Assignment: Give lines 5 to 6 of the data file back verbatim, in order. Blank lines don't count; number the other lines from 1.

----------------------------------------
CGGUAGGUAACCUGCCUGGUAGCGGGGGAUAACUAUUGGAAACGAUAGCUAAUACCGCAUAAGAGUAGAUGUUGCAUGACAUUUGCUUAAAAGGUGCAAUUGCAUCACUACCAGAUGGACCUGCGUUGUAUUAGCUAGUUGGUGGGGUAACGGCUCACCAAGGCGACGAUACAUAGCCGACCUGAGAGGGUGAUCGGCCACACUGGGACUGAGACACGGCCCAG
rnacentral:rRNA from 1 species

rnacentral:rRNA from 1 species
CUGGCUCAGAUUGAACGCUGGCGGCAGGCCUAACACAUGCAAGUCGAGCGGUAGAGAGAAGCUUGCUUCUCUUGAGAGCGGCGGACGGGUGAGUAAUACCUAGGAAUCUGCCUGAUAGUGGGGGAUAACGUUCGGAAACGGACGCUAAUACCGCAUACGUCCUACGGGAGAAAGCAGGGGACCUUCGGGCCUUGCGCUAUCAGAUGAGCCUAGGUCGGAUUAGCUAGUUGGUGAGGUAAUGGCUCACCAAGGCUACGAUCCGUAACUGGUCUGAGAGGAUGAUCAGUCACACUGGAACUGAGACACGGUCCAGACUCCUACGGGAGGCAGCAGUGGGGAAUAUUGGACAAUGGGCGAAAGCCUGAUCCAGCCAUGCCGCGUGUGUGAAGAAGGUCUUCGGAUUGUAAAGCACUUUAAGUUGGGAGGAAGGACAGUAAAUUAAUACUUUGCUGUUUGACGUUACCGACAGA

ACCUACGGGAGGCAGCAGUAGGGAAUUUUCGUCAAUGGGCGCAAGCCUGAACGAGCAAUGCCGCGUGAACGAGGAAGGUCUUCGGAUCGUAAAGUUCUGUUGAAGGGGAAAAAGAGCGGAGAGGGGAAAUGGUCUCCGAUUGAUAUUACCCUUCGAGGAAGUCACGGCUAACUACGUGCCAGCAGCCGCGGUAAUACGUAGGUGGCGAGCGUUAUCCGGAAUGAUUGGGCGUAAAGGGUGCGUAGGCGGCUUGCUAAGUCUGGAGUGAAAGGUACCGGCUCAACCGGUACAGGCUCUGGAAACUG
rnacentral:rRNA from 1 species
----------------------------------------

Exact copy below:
ACCUACGGGAGGCAGCAGUAGGGAAUUUUCGUCAAUGGGCGCAAGCCUGAACGAGCAAUGCCGCGUGAACGAGGAAGGUCUUCGGAUCGUAAAGUUCUGUUGAAGGGGAAAAAGAGCGGAGAGGGGAAAUGGUCUCCGAUUGAUAUUACCCUUCGAGGAAGUCACGGCUAACUACGUGCCAGCAGCCGCGGUAAUACGUAGGUGGCGAGCGUUAUCCGGAAUGAUUGGGCGUAAAGGGUGCGUAGGCGGCUUGCUAAGUCUGGAGUGAAAGGUACCGGCUCAACCGGUACAGGCUCUGGAAACUG
rnacentral:rRNA from 1 species